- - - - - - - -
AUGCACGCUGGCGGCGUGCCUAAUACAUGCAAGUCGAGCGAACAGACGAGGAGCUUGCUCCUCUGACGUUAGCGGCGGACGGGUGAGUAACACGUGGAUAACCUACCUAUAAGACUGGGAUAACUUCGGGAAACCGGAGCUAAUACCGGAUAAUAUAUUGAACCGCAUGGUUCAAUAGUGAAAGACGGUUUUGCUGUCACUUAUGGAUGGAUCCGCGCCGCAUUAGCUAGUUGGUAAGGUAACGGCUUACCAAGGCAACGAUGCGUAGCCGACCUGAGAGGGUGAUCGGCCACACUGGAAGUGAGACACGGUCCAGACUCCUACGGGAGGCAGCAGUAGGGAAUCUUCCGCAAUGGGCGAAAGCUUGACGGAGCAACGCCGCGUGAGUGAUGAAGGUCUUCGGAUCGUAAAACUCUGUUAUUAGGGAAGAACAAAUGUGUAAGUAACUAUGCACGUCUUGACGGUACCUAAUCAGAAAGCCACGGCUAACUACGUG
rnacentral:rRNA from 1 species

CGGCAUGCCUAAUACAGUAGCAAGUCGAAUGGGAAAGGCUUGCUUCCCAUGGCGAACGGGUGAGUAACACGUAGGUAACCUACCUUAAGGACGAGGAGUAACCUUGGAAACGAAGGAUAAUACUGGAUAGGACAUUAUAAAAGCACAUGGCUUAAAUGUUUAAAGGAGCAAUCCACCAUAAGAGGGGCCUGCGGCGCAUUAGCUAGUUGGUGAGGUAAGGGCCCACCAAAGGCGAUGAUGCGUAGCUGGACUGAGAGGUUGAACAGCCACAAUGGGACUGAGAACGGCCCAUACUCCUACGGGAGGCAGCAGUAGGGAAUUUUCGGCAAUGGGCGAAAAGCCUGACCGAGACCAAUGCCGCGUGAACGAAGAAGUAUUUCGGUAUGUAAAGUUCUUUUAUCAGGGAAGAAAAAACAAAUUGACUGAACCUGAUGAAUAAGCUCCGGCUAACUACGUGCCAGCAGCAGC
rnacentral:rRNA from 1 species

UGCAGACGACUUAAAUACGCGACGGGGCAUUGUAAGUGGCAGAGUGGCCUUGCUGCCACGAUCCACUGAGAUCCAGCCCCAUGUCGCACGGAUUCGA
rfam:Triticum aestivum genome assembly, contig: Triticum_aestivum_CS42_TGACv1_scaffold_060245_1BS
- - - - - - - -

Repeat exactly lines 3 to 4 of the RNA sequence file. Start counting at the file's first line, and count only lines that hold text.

CGGCAUGCCUAAUACAGUAGCAAGUCGAAUGGGAAAGGCUUGCUUCCCAUGGCGAACGGGUGAGUAACACGUAGGUAACCUACCUUAAGGACGAGGAGUAACCUUGGAAACGAAGGAUAAUACUGGAUAGGACAUUAUAAAAGCACAUGGCUUAAAUGUUUAAAGGAGCAAUCCACCAUAAGAGGGGCCUGCGGCGCAUUAGCUAGUUGGUGAGGUAAGGGCCCACCAAAGGCGAUGAUGCGUAGCUGGACUGAGAGGUUGAACAGCCACAAUGGGACUGAGAACGGCCCAUACUCCUACGGGAGGCAGCAGUAGGGAAUUUUCGGCAAUGGGCGAAAAGCCUGACCGAGACCAAUGCCGCGUGAACGAAGAAGUAUUUCGGUAUGUAAAGUUCUUUUAUCAGGGAAGAAAAAACAAAUUGACUGAACCUGAUGAAUAAGCUCCGGCUAACUACGUGCCAGCAGCAGC
rnacentral:rRNA from 1 species